Republican congressional candidate Vennia Francois is switching her candidacy to Florida’s 10th Congressional District from Florida’s 7th Congressional District, seeking to take on U.S. Rep. Val Demings rather than be in the multi-Republican field targeting U.S. Rep. Stephanie Murphy.
Francois switches to CD 10 after the leading Republican candidate there, Kirk Troen, withdrew his candidacy earlier this month.
That puts Francois in competition with Republican Angela Marie Walls-Windhauser, a perennial candidate for various offices, including for President this year.
Francois, 46, was living in CD 7, in Seminole County.
CD 10 covers western Orange County. The U.S. Constitution requires members of Congress to live in the state they represent, but not necessarily the district.
“I started this journey to bring your voice to Washington D.C. and support our president by taking back the House of Representatives. We have a great opportunity here to win and I’ve been asked to take on a new challenge. Developments here in District 10 have opened up new opportunities that I’ve had to seriously consider. Today I want to announce that I have decided to give the people a choice by running against Val Demings,” Francois said in a news release.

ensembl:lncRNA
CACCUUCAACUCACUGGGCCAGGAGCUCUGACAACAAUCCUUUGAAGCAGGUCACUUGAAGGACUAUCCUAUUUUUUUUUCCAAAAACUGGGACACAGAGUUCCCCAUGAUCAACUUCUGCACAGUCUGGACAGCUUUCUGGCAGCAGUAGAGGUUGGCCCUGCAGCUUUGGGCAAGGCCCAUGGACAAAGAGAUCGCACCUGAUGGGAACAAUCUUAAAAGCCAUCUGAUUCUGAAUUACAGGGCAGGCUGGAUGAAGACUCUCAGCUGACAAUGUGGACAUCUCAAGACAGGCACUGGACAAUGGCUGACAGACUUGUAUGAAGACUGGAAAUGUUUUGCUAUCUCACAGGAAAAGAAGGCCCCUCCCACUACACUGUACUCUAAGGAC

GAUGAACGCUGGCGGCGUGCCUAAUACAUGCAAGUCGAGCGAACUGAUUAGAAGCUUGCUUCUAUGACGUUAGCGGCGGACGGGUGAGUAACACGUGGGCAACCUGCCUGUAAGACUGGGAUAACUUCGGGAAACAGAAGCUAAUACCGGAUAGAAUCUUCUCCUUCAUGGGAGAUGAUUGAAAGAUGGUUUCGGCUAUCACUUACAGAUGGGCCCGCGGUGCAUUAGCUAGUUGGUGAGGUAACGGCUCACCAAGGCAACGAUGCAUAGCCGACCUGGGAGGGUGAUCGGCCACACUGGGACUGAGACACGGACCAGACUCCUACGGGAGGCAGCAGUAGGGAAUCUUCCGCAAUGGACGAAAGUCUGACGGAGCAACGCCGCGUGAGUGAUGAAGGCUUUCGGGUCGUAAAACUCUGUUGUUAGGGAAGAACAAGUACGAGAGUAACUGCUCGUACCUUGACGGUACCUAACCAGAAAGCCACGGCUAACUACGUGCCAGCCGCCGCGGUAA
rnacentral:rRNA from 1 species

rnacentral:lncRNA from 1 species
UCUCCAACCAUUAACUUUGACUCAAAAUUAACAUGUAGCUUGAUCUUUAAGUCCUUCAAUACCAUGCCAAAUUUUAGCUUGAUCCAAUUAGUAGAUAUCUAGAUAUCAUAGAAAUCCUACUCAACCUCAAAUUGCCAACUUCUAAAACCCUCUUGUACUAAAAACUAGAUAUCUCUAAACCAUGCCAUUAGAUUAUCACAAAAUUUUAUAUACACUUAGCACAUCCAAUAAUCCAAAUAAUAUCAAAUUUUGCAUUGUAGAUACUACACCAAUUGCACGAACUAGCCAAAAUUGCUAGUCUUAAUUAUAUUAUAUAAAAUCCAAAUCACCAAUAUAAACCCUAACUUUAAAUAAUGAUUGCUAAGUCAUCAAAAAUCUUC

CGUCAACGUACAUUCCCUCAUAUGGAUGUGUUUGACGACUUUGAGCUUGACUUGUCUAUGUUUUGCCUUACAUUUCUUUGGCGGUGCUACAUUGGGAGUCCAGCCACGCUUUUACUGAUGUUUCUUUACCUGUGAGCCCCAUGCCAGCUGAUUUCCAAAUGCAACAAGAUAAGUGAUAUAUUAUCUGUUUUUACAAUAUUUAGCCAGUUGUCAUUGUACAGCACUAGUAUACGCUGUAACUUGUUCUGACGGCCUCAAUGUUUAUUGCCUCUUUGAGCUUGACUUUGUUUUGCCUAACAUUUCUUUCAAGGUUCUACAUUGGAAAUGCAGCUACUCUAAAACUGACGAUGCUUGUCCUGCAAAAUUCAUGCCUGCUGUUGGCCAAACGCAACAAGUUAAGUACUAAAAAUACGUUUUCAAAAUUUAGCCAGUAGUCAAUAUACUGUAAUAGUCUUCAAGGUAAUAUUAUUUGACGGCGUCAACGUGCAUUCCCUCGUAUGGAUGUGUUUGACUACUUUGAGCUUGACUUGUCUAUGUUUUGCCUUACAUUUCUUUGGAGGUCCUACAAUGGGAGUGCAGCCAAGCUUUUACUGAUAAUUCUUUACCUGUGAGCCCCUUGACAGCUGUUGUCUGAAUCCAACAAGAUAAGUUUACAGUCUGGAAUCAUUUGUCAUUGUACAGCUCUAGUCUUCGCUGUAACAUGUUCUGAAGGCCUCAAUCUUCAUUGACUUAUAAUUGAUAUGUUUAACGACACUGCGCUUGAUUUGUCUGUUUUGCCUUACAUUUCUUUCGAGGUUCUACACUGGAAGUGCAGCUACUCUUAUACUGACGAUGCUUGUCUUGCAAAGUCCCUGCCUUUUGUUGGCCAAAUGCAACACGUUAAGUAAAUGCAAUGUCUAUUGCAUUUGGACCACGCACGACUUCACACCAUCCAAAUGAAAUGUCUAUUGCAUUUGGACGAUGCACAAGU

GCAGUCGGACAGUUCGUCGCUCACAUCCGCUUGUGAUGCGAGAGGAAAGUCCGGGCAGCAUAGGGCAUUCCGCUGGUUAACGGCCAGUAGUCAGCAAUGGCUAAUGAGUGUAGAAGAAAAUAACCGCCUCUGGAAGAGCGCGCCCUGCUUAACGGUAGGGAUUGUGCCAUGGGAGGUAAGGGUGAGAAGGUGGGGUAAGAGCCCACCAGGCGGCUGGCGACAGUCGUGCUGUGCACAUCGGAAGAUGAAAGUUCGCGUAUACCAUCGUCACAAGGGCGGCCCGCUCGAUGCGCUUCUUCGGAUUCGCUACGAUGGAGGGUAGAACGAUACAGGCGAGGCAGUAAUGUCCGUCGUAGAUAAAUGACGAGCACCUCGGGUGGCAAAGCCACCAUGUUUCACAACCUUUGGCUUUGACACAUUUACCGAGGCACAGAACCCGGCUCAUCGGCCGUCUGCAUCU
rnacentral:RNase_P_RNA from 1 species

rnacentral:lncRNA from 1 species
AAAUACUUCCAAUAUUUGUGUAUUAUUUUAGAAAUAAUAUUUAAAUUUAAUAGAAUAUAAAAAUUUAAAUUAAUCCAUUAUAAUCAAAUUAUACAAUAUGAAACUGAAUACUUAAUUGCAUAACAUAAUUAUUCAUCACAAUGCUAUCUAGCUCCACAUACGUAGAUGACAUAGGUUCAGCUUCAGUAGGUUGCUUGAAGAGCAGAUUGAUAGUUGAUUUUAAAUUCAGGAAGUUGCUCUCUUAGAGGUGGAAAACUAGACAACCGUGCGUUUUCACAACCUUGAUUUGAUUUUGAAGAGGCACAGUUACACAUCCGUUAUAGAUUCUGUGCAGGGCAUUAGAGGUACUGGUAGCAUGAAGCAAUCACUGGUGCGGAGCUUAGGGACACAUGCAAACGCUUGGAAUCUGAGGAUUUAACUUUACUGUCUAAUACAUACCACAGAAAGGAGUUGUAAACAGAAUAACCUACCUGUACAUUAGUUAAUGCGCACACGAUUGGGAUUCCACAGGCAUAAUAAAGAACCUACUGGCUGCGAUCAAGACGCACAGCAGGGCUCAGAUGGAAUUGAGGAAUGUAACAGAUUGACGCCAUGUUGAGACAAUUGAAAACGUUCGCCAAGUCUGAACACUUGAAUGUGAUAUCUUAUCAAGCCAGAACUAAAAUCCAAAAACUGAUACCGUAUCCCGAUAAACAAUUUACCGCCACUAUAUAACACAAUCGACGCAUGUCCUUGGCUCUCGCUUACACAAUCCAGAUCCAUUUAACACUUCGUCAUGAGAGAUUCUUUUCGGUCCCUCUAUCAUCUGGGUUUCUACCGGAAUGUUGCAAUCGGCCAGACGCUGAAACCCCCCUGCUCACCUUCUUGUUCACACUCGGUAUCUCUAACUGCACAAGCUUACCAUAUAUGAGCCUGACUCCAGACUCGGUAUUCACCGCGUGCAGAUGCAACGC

“I want my supporters in District 7 to know that I will be a Congresswoman for all of Central Florida,” she added.
Her departure from the CD 10 race still leaves a crowded field there. Other Republicans in that field include health care executive Chelle DiAngelus of Longwood, Orlando Dr. Leo Valentin, Lake Mary mortgage broker Richard Goble, Orlando businessman Yukong Zhao, DeBary City Councilman Stephen Bacon, and Orlando businessman Thomas Delia.
Francois, a lawyer who had interned for Murphy’s predecessor Rep. John Mica and later worked for Sen. Mel Martinez and his successor Sen. George LeMieux, is making her second bid for Congress. In 2018 she ran in CD 7 but lost in the Republican primary.
She’s pushing justice reform, keeping unemployment low, safeguarding Social Security, making the 2017 tax cuts permanent as well as on immigration reform, community development, and education.